Caption: Long before Michael Heizer brought “Levitated Mass” to LACMA, he took pictures of massive boulders, above. The photos and “Munich Rotary” are on view. (Los Angeles County Museum of Art)
A few weeks ago I was reading an essay about Michael Heizer and came across a reference to Frank Stella’s assertion concerning his own work that “what you see is what you see.” The author of the essay seems to leave space for the literalness of Stella, Johns, or Rauschenberg’s art while using Heizer’s photographs, with his manipulation of size and scale, to “explore the ‘truth claims’ of photographic media,” to assert, in fact, photography and film as mediums in which, contrary to what one might think, literalness is more difficult to take for granted.
Think about it. Painting, (excluding perhaps photo realistic painting) especially now, makes no claim to represent reality while photography always, at least in some small capacity, does. With photography it is that much easier to trick a viewer into believing they see the truth when in reality they see anything but. For Heizer, photography brought not only the ability to share his often remote work with the public, but also the ability to challenge the experience of nature urban dwellers tend to take for granted.
I find the concept of literalism in art troubling regardless of the medium or artist making claim to it. I understand the desire to achieve it, especially as a rejection of the ‘action’ or ‘spiritual’ claims European and American artists clung to so tightly in the early and mid-20th century western art world. But having been brought up in the intellectual environment formulated by late 20th century critical theory, the idea of accepting anything for what it portends to be, visual, textual, or otherwise, is rather inconceivable.
Stella’s claim of course echoes the argument being made concurrently by Roland Barthes who led the post-structuralist movement and argued for the death of the author as a way to reject ‘interpretive tyranny,’ a state in which we are too heavily reliant on an author’s background and situation as tools for interpreting a work. (Numerous other critics of the time and of that immediately following would argue for much the same thing, see Sontag, for one.)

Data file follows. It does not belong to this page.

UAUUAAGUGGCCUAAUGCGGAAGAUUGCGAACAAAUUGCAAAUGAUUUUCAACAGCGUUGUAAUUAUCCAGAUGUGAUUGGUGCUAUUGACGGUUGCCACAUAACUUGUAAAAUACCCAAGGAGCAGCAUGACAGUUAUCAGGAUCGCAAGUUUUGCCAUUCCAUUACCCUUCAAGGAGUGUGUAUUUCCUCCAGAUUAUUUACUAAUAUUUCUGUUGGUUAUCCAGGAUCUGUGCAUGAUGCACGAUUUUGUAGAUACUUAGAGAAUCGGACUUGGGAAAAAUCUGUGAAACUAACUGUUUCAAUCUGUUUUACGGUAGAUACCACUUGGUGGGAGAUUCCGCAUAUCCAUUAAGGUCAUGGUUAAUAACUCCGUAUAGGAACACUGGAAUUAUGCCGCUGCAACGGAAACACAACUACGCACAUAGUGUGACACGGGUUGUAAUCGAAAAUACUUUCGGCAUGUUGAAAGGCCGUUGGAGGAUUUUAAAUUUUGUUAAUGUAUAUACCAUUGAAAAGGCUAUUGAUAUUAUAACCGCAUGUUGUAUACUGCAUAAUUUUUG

In formulating his thinking Barthes was in a sense affirming artists’ desire to divorce their work from the subjective and the artists of the 60’s remain excellent examples of the embodiment of Barthes’ ideas in the actual act of creation itself. (The artists of the 60’s and 70’s would have likely read Barthes, and were beginning with his death of the author, instead of ending with it; they were acknowledging and attempting to adapt his ideas to the actual creation of art itself, instead of just using them as a critical tool.) The end goal of all of this was the creation of an authentic art divorced from subjective content, believing that that art, would approach more closely the platonic ideal of “art,” as opposed to its innumerable interpretations, and would eliminate the possibility of the heroic individual.
But while the idea of an objective art seemed noble in spirit it had unintended consequences. Adorno, writing around the same time as Barthes about art and culture, noted that “the development of the culture industry has led to the predominance of the effect, the obvious touch, and the technical detail over the work itself.” He and Max Horkheimer mourned the loss of the idea in art that comes hand in hand with a proclivity towards the technique or the obvious, what Stella et al., were searching for.
Adorno was of course thinking less of an artist’s overt search for literalness than the loss of imagination that comes with a view of art (proposed by the artists themselves) that denies illusion as an ingredient in its experience; a view of art that strives to deny the audience the ability to think or imagine past the limits of the canvas.
But the thing is, first stripped of the possibility of imagination then of the artist’s subjectivity, art began providing answers outright. The audience was denied the possibility of contemplation by the artists themselves, so they stopped contemplating. Today’s art audience is both assumed to be, and actually generally is, incapable of actively and deeply engaging with art, so artists today account for that by creating art that is overtly obvious in its meaning and intention. Eliminate the possibility of imagination and the ability to imagine disappears.
Frank Stella wasn’t really seeking a literal art. He was seeking the freedom Barthes sought as well: the ability for a work of art to be judged on nothing more than what was present on the canvas or in the gallery. What we have today is exactly that, an art that is rarely anything but what is visible on the canvas and an audience incapable of imagining anything more.